On Thanksgiving Day, there are many ways to incorporate language development skills through fun table games! These games can target your child’s expressive language (how your child communicates their wants and needs), receptive language (how your child understands language), and pragmatic language (your child’s social language) skills.

Here’s a list of 3 easy, fun language development games:

1. The “I spy” Game :

While sitting at the Thanksgiving Day table, there are lots of exciting things for your child to look at, including various foods, others’ clothing/accessories, furniture, etc. Play the game by taking turns with your child ‘spying’ things around the room with the phrase “I spy something x”.

  • Pragmatic language-­Taking Turns: Have your child say “my turn”, “your turn”, or give another person or family member a turn with, “X, it is your turn”.
  • Expressive Language-­Expanding Their Sentences: Have your child put all their words together by tapping the table or clapping their hands when saying, “I spy something x”.
  • Receptive Language-­Identifying (Finding) The Item: Have your child try to find the item you are describing. If they are having trouble, help them by giving clues such as “it is something you eat/you wear, etc.)” or “it is something close/far from you”.

2. The “Who” Game:

Why not play the “Who” game while sitting with all of your family and friends at the Thanksgiving Day table! Play the game by taking turns with your family and friends asking the table “Who is wearing/eating x?” and saying “Yes, I am” or “No, I’m not”.

  • Pragmatic language-­Engagement: Help your child sustain engagement during the game by seeing whose turn is next, helping you answer the question, or guessing what they might ask.
  • Expressive Language-­Asking a Question: Help your child ask an appropriate question or find something to ask about. If they are having trouble, you can help them pick a food or clothing item first, then say the question together.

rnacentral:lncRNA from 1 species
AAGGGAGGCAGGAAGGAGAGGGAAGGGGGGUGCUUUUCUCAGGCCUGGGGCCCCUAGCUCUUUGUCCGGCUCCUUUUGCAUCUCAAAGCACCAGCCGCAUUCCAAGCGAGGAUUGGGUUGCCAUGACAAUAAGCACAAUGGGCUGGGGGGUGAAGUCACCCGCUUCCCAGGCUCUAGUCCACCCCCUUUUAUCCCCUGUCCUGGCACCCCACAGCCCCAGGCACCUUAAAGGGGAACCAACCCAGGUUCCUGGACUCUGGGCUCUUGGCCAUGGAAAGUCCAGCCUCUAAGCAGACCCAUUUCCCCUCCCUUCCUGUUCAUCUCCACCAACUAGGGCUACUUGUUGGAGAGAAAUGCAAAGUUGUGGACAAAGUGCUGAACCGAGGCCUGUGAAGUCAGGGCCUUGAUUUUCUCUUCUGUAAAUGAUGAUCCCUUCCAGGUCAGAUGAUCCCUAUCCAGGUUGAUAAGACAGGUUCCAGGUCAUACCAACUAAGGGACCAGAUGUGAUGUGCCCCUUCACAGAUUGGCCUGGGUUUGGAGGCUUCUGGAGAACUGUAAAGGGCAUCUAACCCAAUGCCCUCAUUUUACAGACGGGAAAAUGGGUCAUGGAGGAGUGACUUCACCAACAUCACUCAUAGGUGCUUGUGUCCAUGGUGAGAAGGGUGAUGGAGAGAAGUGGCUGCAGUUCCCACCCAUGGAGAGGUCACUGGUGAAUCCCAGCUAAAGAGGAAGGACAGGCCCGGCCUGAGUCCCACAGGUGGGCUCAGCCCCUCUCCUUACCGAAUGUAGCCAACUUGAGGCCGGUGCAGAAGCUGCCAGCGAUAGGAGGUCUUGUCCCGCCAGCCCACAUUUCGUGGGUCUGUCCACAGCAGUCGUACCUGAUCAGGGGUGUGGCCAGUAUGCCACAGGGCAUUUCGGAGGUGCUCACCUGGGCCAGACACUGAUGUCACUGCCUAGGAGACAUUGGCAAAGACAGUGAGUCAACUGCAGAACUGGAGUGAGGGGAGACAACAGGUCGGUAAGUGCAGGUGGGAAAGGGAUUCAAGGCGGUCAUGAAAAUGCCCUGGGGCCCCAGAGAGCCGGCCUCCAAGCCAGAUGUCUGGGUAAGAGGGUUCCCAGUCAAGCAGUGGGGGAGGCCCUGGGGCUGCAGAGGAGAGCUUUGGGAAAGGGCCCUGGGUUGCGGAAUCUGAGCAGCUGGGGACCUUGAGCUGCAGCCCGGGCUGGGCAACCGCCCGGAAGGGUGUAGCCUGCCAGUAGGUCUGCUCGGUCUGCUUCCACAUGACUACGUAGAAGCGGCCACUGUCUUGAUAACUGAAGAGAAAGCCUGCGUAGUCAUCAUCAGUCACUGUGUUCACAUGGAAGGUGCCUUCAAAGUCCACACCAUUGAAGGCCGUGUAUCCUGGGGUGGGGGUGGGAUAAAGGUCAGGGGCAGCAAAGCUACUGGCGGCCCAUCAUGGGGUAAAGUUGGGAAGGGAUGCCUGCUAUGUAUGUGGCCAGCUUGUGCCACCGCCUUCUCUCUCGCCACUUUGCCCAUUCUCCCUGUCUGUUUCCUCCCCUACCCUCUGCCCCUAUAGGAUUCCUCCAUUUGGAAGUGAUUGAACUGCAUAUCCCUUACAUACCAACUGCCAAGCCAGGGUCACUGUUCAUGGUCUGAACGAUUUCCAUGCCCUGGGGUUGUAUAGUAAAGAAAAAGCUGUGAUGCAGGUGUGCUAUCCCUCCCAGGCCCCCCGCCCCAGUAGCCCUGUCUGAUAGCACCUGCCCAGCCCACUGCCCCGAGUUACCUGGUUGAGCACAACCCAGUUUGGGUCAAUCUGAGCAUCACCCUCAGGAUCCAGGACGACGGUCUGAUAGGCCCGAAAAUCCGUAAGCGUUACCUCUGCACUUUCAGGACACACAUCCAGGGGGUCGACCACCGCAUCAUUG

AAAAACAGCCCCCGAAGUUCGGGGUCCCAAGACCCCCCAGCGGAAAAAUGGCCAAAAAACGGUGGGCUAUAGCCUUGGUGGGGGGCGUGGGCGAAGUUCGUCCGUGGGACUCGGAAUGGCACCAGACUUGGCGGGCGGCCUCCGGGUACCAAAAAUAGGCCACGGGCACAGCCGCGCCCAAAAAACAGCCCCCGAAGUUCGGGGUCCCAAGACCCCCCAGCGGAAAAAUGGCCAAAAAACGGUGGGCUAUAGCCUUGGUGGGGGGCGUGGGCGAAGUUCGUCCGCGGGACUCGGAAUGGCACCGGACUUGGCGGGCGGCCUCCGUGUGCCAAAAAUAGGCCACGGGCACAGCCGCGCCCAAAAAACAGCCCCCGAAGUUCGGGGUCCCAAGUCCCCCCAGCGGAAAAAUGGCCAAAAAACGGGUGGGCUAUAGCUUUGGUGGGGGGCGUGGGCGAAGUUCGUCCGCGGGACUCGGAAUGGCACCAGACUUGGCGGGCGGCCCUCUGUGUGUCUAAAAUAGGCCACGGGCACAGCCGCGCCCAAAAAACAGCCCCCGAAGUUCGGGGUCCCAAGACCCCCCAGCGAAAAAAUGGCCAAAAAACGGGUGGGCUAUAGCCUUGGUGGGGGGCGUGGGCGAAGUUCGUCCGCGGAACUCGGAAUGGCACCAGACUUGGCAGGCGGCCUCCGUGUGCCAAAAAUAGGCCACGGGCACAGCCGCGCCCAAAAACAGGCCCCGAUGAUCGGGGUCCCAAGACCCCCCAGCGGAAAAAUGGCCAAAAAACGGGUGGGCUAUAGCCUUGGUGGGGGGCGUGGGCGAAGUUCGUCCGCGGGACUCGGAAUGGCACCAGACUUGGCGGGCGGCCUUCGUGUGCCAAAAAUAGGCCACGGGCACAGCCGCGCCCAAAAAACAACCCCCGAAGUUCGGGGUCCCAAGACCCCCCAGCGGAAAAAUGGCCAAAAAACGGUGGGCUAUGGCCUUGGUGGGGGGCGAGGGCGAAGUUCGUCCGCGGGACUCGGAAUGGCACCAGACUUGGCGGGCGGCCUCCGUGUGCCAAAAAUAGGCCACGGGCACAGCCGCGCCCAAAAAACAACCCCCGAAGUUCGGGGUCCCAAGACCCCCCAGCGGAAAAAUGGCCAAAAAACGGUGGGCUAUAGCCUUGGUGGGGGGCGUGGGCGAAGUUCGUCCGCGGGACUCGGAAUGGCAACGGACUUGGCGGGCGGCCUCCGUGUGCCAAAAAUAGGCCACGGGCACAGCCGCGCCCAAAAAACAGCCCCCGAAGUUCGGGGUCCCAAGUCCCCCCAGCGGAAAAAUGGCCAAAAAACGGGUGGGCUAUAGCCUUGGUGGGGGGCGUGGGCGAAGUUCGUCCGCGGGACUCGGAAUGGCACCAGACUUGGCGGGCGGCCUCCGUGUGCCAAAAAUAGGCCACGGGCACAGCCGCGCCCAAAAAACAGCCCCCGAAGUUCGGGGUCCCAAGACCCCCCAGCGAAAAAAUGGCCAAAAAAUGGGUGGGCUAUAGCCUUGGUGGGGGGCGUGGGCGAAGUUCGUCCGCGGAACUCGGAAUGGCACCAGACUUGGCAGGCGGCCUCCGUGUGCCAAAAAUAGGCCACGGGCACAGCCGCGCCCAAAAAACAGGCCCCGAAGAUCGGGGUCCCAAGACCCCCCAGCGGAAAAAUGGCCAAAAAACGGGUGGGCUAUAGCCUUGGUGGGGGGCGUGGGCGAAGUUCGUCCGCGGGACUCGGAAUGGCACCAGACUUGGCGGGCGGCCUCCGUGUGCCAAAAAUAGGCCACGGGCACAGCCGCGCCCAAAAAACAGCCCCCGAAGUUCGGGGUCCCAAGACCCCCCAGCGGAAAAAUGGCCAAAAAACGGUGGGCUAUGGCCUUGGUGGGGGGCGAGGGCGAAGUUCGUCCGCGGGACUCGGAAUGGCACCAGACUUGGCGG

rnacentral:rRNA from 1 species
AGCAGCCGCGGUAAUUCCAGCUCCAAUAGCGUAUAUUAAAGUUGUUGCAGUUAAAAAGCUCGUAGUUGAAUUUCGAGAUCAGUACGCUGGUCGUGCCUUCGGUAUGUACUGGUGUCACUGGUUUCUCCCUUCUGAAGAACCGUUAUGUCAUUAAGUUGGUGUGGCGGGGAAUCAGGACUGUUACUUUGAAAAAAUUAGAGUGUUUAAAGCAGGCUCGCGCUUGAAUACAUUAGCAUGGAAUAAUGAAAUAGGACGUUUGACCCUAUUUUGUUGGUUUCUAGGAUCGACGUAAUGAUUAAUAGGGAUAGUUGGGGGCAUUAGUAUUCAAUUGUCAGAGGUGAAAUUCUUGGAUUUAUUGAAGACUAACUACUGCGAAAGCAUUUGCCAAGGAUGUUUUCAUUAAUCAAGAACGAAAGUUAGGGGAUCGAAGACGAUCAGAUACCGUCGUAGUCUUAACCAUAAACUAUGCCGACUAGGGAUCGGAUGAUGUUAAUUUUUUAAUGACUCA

• Receptive Language-­Answering “Yes/No” Factual Questions: Help your child answer the question correctly. Are they really wearing x or eating x? Show or point to the foods on the plate or the clothing item to help them answer “yes/no” correctly.

3. “Tell Me About That Food” Game:

There is so much food on Thanksgiving Day that can be described in so many different ways! Play the game by taking turns with your child to describe the food around you. For example: “Mashed Potatoes are yummy, soft, and white” or “Tell me about mashed potatoes…what color are they? How do they smell?”.

  • Pragmatic Language-­Joint Attention: Help your child have joint attention with this game by following your lead when describing food. Have them look at the food or point to the food with you.
  • Expressive Language-­Expanding Vocabulary: Help your child expand their vocabulary by pairing these vocabulary words with the food item and making a whole phrase or sentence. For example, “Broccoli is green. Tell me more about Broccoli. Broccoli is…”
  • Receptive Language-­Answering ‘WH’ Questions: Help your child answer various “wh” questions. First, ask the question. If they are having trouble, give them choices, then give them the words. For example “what color is bread?” “brown or purple” “Let’s say it together… Bread is brown.”

Keep building all aspects of your child’s language on Thanksgiving Day while playing these easy, fun games at the table!

Blue Bird Day fosters socialization, sensory regulation, and pre-academic learning in children ages 2-7 years in therapeutic rotations that simulate  preschool and kindergarten settings. Our compassionate therapists practice a relationship-based and family-centered approach, provide parent training, and collaborate on goals and individualized intensive treatment plans for your child.

We believe in a collaborative and multi-disciplinary team approach to therapy. A team of occupational therapists, speech-language pathologists, dietitians, developmental therapists, behavioral therapists, physical therapists, and therapeutic assistants are created for each child to ensure child and family are fully supported and the best possible results are achieved.  

Options for individualized, group and virtual therapy sessions are available as well. 

Want to learn more or you have a specific question? Feel free to connect with us here! 

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